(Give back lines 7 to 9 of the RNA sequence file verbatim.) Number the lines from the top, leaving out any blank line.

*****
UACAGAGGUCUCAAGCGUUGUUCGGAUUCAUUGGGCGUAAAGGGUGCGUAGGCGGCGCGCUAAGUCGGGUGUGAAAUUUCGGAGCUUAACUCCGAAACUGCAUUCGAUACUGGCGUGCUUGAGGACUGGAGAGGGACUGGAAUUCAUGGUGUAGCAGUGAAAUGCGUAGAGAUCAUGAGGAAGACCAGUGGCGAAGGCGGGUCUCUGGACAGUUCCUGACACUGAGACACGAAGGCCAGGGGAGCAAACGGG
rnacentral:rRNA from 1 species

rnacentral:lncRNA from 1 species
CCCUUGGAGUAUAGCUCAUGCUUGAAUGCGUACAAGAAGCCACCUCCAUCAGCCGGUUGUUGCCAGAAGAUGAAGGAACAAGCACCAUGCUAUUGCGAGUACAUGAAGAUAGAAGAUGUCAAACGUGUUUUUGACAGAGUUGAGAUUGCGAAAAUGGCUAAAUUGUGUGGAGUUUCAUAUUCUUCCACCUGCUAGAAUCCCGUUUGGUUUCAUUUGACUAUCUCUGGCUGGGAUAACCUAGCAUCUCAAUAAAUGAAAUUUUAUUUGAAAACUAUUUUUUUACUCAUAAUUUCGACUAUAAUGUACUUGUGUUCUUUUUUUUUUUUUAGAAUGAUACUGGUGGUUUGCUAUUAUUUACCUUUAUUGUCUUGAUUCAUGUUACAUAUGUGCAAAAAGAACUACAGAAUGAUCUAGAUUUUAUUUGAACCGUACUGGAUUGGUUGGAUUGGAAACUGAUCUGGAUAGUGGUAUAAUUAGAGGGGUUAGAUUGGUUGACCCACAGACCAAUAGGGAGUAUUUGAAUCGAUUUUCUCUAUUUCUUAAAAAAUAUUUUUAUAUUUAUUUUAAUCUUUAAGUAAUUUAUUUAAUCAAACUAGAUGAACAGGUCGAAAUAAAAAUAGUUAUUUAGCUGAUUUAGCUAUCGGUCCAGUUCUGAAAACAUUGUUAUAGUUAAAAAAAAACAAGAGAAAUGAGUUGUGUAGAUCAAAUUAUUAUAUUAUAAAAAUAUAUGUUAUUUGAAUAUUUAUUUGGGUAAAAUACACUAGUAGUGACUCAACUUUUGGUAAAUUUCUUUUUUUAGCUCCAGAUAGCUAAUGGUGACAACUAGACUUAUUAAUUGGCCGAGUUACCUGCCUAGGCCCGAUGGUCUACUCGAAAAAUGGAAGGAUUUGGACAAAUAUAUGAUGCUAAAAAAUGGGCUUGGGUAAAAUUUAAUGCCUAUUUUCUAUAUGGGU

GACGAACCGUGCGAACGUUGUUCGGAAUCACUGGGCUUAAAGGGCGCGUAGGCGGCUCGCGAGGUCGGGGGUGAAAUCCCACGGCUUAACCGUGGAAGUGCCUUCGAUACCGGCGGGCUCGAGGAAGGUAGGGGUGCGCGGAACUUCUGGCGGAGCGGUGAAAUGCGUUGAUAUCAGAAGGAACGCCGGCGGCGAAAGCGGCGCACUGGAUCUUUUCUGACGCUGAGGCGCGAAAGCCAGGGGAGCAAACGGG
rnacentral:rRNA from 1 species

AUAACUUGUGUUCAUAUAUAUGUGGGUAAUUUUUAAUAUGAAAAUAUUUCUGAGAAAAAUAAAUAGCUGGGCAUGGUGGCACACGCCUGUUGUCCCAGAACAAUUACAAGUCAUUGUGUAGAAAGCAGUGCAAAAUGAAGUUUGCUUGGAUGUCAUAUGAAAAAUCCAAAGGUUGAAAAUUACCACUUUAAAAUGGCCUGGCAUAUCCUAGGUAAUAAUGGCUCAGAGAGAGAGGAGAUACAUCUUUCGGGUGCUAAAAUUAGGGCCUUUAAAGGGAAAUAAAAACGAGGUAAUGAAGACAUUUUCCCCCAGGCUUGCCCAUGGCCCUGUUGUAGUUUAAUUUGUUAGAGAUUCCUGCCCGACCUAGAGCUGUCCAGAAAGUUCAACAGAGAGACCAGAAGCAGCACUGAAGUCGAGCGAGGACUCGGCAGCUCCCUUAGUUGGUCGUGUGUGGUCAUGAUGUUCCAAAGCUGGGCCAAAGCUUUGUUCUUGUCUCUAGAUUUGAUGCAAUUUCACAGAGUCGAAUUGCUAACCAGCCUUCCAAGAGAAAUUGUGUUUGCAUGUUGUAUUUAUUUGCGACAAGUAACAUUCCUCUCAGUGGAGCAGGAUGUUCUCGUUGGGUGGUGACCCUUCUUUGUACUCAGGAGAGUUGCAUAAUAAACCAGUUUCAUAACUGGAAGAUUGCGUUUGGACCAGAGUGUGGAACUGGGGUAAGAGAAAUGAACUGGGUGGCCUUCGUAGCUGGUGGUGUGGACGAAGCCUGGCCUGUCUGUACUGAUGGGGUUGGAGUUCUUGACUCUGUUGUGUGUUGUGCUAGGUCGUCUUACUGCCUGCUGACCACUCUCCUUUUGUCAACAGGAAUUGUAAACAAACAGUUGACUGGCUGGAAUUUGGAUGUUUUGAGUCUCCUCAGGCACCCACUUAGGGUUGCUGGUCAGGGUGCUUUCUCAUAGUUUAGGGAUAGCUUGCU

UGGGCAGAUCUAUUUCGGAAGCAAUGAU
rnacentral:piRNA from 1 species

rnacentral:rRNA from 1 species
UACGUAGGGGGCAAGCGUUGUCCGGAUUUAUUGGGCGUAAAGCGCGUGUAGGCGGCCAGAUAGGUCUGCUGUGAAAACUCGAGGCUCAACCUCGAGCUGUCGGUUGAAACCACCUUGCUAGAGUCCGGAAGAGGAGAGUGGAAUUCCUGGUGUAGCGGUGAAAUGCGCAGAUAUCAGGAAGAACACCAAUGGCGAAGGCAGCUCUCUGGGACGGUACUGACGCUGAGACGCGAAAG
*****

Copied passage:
AUAACUUGUGUUCAUAUAUAUGUGGGUAAUUUUUAAUAUGAAAAUAUUUCUGAGAAAAAUAAAUAGCUGGGCAUGGUGGCACACGCCUGUUGUCCCAGAACAAUUACAAGUCAUUGUGUAGAAAGCAGUGCAAAAUGAAGUUUGCUUGGAUGUCAUAUGAAAAAUCCAAAGGUUGAAAAUUACCACUUUAAAAUGGCCUGGCAUAUCCUAGGUAAUAAUGGCUCAGAGAGAGAGGAGAUACAUCUUUCGGGUGCUAAAAUUAGGGCCUUUAAAGGGAAAUAAAAACGAGGUAAUGAAGACAUUUUCCCCCAGGCUUGCCCAUGGCCCUGUUGUAGUUUAAUUUGUUAGAGAUUCCUGCCCGACCUAGAGCUGUCCAGAAAGUUCAACAGAGAGACCAGAAGCAGCACUGAAGUCGAGCGAGGACUCGGCAGCUCCCUUAGUUGGUCGUGUGUGGUCAUGAUGUUCCAAAGCUGGGCCAAAGCUUUGUUCUUGUCUCUAGAUUUGAUGCAAUUUCACAGAGUCGAAUUGCUAACCAGCCUUCCAAGAGAAAUUGUGUUUGCAUGUUGUAUUUAUUUGCGACAAGUAACAUUCCUCUCAGUGGAGCAGGAUGUUCUCGUUGGGUGGUGACCCUUCUUUGUACUCAGGAGAGUUGCAUAAUAAACCAGUUUCAUAACUGGAAGAUUGCGUUUGGACCAGAGUGUGGAACUGGGGUAAGAGAAAUGAACUGGGUGGCCUUCGUAGCUGGUGGUGUGGACGAAGCCUGGCCUGUCUGUACUGAUGGGGUUGGAGUUCUUGACUCUGUUGUGUGUUGUGCUAGGUCGUCUUACUGCCUGCUGACCACUCUCCUUUUGUCAACAGGAAUUGUAAACAAACAGUUGACUGGCUGGAAUUUGGAUGUUUUGAGUCUCCUCAGGCACCCACUUAGGGUUGCUGGUCAGGGUGCUUUCUCAUAGUUUAGGGAUAGCUUGCU

UGGGCAGAUCUAUUUCGGAAGCAAUGAU
rnacentral:piRNA from 1 species